U of I Land Acknowledgement
The University of Iowa is located on the homelands of the Ojibwe/Anishinaabe (Chippewa), Báxoǰe (Iowa), Kiikaapoi (Kickapoo), Omāēqnomenēwak (Menominee), Myaamiaki (Miami), Nutachi (Missouri), Umoⁿhoⁿ (Omaha), Wahzhazhe (Osage), Jiwere (Otoe), Odawaa (Ottawa), Póⁿka (Ponca), Bodéwadmi/Neshnabé (Potawatomi), Meskwaki/Nemahahaki/Sakiwaki (Sac and Fox), Dakota/Lakota/Nakoda, Sahnish/Nuxbaaga/Nuweta (Three Affiliated Tribes) and Ho-Chunk (Winnebago) Nations. The following tribal nations, Umoⁿhoⁿ (Omaha Tribe of Nebraska and Iowa), Póⁿka (Ponca Tribe of Nebraska), Meskwaki (Sac and Fox of the Mississippi in Iowa), and Ho-Chunk (Winnebago Tribe of Nebraska) Nations continue to thrive in the State of Iowa and we continue to acknowledge them. As an academic institution, it is our responsibility to acknowledge the sovereignty and the traditional territories of these tribal nations, and the treaties that were used to remove these tribal nations, and the histories of dispossession that have allowed for the growth of this institution since 1847. Consistent with the University's commitment to Diversity, Equity and Inclusion, understanding the historical and current experiences of Indigenous peoples will help inform the work we do; collectively as a university to engage in building relationships through academic scholarship, collaborative partnerships, community service, enrollment and retention efforts acknowledging our past, our present and future Native Nations.
Students and professionals from varied disciplines come together at the Center to seek the following educational objectives:
- Develop presentation skills for scholarly and professional audiences
- Develop writing skills in areas of social sciences research and policy analysis for scholarly, practitioner, and consumer publications
- Study related legal, legislative, and policymaking issues
- Develop awareness of disability issues in employment, society, and social services
As part of the Center's efforts to train and supervise students, we have offered several opportunities.
- Internship opportunities for Social Work and Sociology students.
- Summer Research Opportunities Program (SROP) for graduate education to provide students entering graduate programs an opportunity to engage in relevant research and evaluation activities.
The Law, Health Policy & Disability Center conducts basic and applied research. Current research topics include health research, research on multimedia informed consent and jail diversion research for people with disabilities.
We partner with private, state, and federal agencies and receive funding to conduct research from the Nellie Ball Trust, the National Institute on Disability, Independent Living, and Rehabilitation Research in the U.S. Department of Health and Human Services, the National Institutes of Health, state and local agencies such as Polk County Regional Mental Health and Disability Services Governing Board.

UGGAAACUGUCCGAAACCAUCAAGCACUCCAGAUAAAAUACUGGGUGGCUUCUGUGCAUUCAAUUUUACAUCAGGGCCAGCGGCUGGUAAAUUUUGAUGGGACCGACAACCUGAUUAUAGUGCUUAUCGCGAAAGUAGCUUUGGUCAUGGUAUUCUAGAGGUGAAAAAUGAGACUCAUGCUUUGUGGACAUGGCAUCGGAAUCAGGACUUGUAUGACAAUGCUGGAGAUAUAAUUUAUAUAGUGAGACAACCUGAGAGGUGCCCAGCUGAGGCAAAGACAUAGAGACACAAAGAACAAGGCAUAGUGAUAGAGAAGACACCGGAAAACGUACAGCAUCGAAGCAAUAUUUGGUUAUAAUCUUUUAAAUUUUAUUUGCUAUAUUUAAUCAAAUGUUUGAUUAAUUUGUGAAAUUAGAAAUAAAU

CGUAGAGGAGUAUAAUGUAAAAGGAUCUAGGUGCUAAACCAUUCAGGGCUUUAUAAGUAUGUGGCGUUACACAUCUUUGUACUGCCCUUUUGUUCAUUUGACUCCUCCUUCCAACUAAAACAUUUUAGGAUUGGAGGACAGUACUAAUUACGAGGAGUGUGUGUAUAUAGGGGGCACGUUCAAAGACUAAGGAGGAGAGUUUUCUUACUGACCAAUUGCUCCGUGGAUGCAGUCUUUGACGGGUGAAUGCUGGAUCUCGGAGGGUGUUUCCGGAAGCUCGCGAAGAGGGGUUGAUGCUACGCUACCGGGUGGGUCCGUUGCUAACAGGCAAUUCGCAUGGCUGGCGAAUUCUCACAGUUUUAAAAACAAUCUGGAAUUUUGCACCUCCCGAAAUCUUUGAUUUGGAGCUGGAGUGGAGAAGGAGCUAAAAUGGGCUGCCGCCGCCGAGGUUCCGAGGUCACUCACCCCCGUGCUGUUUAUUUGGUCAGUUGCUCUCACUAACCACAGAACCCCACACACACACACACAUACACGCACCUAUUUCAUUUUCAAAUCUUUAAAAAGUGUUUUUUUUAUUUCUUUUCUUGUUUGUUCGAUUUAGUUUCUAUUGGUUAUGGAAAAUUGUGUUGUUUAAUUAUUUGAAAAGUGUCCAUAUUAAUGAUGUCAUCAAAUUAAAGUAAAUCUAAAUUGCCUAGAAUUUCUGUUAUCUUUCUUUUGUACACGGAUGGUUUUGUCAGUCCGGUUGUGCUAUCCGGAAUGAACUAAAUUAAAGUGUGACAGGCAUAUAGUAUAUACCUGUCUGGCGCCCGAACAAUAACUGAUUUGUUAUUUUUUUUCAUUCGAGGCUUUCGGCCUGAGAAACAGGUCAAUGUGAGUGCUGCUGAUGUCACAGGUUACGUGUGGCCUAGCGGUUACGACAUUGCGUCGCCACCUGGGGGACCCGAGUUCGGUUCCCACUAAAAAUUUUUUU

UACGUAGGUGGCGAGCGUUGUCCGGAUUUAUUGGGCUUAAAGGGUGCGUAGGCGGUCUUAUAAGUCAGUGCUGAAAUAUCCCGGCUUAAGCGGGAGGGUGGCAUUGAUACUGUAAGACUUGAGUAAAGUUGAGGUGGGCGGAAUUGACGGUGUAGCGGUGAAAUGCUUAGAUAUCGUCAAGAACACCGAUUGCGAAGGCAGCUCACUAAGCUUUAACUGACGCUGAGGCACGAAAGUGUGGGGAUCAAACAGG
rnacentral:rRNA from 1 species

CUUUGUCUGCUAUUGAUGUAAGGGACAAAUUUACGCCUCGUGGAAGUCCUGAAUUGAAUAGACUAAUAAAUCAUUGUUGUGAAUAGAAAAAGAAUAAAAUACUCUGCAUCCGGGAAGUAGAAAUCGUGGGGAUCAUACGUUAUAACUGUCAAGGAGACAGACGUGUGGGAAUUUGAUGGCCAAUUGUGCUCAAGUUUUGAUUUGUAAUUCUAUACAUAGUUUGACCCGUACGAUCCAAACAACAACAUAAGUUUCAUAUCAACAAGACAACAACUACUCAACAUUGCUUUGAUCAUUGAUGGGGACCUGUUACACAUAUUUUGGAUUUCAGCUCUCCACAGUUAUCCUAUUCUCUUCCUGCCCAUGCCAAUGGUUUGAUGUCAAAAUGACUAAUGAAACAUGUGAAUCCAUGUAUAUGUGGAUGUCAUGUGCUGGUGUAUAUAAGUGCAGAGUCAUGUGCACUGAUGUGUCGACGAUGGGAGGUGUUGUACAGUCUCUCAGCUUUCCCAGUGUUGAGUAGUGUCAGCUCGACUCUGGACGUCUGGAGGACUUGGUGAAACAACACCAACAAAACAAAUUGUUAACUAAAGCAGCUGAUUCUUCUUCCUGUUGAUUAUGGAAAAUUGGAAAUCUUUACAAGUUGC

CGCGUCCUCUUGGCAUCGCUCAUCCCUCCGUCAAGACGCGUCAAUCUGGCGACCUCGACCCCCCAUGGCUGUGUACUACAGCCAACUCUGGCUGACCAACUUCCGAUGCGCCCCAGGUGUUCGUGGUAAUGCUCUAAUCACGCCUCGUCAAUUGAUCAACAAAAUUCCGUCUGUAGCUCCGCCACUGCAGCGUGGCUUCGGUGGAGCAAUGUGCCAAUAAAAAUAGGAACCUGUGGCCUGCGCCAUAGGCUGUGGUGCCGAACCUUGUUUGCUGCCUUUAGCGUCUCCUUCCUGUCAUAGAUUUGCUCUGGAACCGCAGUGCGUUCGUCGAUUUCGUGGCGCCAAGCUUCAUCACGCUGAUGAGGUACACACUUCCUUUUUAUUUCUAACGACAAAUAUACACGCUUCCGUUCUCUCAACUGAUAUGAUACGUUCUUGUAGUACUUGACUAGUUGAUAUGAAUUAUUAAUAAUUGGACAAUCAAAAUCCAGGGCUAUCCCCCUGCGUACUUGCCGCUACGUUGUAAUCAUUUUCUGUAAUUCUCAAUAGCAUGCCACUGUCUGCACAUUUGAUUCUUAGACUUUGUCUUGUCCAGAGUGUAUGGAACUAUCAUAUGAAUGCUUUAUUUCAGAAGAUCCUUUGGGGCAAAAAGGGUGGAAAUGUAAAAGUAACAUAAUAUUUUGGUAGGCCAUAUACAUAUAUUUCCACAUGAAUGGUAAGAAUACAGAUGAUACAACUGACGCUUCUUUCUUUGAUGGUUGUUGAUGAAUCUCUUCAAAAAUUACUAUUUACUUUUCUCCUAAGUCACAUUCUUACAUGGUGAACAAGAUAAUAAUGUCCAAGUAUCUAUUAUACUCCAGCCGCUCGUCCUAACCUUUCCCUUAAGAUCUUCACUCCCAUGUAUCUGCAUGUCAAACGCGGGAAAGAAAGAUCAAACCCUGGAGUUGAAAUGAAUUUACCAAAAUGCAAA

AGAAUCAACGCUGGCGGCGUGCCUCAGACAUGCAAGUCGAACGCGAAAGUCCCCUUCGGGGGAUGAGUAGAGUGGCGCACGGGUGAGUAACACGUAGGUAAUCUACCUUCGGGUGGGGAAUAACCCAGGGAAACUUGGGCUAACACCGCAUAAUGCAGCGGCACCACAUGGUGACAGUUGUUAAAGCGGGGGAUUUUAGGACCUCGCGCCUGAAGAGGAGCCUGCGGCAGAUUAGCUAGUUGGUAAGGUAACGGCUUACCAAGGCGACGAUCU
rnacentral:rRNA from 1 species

Jail Diversion Research
The Jail Diversion Program has been in place in Polk County Jail for over a decade with the goal of helping the jail's population with serious mental illness to return to the community safely and to reduce the chances they will reoffend in the future. The purpose of this research is to use data that are currently available to investigate the factors that lead to desired outcomes or create challenges to the success of the program.
Informed Consent Research
Informed consent is effective only if individuals are presented with the relevant, legally required information about the research study and understand that information sufficiently to make an informed decision. LHPDC, collaborating with individuals from the UI College of Medicine, Bioethics, and external research and healthcare institutions, have been conducting research on the effects of multimedia and interactivity for improving patient comprehension and trust in the informed consent process.
Polk County Health Services Evaluation
LHPDC conducts an annual independent evaluation for the Polk County Mental Health and Disability Services Region via Polk County Health Services in Des Moines, Iowa, to help improve services for individuals with disabilities in the Des Moines area. The Polk Region advocates for people with disabilities by helping them pursue employment and education, using an array of educational, training, and employment services. Funding comes from a contract with the Polk County Region.
Southeast ADA Center Technical Assistance
LHPDC provides technical assistance and website support for the Southeast ADA Center, who does training and guidance on the Americans with Disabilities Act to the U.S. Southeast. Funding is through a subcontract from the Burton Blatt Institute (BBI) at Syracuse University from a grant by a National Institute on Disability, Independent Living, and Rehabilitation Research Grant (90DP0090-01-00).